The call for the minimum age to purchase tobacco products to raise continues to heat up with yet another piece of legislation that was recently introduced. The bill, known as the Tobacco to 21 Act, would raise the age for all covered tobacco products, including cigars, e-cigarettes and cigarettes. In addition, the bill would prohibit retailers from selling tobacco products to anyone under the age of 30 without proper photo identification.
The Tobacco to 21 Act has bi-partisan support, giving it a better chance of passage in both houses of Congress. In the Senate, the bill has the support of Senators Todd Young (R-IN) and Brian Schatz (D-HI); in the House of Representatives, Representatives Chris Stewart (R-UT) and Diana DeGette (D-CO) support the bill. The Tobacco to 21 Act is a separate legislative efforts from that introduced by Senate Majority Leader Mitch McConnell [read more here] and Rep. Robert Aderholt (R-AL) [read more here], who also have called for the minimum purchasing age for tobacco products to be raised to 21 years.
DeGette noted that Tobacco to 21 Act is different from the other legislative efforts in that it has no “special-interest carve-outs or limitations on state and local governments.” She also noted that this new bill was drafted with the sole intent of protecting public health by keeping tobacco products out of the hands of young people. The bill already has gained the support of several public health groups, including the Campaign for Tobacco-Free Kids, American Cancer Society Cancer Action Network and the American Heart Association.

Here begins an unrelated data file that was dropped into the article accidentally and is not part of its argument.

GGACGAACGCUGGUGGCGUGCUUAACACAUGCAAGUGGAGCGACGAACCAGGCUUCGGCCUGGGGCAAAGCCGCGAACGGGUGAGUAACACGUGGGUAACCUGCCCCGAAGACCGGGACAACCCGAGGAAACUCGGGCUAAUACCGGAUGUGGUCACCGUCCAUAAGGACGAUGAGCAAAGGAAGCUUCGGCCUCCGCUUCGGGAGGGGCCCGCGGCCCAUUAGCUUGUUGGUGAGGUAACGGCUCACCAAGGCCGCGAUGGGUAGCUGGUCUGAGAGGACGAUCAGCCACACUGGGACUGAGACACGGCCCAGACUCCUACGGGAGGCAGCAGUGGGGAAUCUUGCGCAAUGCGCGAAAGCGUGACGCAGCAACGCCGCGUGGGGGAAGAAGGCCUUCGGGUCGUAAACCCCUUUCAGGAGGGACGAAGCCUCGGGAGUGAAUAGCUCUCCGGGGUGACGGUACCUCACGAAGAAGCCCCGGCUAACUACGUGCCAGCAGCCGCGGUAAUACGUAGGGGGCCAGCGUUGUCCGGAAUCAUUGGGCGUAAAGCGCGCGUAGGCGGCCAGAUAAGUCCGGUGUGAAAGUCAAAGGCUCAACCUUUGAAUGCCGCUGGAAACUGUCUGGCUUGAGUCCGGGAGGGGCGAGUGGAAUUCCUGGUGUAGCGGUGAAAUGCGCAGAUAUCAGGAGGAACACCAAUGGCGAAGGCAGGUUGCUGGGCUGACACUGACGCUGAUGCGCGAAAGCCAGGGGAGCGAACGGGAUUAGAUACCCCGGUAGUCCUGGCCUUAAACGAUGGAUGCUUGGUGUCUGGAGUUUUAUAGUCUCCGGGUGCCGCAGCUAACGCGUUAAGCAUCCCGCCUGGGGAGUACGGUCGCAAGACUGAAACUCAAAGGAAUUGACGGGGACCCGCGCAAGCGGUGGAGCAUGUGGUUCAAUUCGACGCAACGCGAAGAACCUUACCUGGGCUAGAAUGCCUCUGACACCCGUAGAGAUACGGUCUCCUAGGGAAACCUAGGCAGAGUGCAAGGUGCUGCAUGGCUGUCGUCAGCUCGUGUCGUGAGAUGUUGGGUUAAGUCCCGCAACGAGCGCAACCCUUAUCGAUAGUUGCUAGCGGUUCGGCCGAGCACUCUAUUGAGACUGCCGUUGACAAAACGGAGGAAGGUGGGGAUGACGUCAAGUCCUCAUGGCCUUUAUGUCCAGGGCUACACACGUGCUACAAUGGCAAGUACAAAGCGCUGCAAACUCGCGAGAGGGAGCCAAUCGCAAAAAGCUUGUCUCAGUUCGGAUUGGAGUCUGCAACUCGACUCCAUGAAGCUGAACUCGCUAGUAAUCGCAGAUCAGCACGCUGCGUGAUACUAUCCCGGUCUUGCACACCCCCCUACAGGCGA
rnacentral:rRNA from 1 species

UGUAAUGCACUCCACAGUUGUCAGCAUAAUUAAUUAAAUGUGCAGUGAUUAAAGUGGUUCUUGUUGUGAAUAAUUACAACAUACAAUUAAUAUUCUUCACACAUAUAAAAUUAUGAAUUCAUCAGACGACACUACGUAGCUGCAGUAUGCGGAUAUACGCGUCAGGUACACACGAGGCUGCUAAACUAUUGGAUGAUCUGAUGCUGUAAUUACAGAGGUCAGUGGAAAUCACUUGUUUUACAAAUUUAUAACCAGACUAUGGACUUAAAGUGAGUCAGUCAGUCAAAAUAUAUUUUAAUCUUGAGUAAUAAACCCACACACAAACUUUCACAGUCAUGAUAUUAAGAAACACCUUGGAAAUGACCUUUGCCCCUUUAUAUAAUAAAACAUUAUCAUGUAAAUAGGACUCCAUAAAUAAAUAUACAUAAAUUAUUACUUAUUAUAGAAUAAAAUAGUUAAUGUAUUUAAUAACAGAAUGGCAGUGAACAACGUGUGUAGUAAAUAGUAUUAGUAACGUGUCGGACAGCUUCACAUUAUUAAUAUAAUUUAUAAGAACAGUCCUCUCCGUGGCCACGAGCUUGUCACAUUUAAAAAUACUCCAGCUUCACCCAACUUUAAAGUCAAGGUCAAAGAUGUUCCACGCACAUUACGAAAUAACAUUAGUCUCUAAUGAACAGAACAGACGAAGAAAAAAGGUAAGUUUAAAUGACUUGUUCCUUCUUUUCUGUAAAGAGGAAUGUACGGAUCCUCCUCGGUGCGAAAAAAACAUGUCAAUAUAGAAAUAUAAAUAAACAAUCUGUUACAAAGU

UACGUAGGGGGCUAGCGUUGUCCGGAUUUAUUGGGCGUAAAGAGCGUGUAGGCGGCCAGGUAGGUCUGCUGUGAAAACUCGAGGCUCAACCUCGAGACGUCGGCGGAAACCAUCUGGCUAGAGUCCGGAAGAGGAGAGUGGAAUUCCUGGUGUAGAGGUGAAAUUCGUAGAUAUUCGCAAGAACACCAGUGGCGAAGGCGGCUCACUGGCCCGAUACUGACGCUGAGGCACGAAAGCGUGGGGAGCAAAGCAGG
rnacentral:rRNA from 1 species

Harold Wimmer, CEO of the American Lung Association, commented: “The Tobacco to 21 Act will be an important step to protect kids from the nation’s leading cause of preventable death and disease in the United States, and we urge our nation’s leaders to quickly pass this lifesaving legislation.”
Tobacco 21 legislation is nothing new but has recently re-entered the national spotlight as the U.S. Food and Drug Administration (FDA) has continued to address what it views as an “epidemic” of youth having access to and using e-cigarettes and other tobacco products. Over a dozen different states have already imposed some form of Tobacco 21 legislation and according to CNBC, an estimated 450 different cities and counties in the U.S. have already raised the minimum buying age for tobacco products.
You can read the Tobacco to 21 Act in its entirety by clicking here.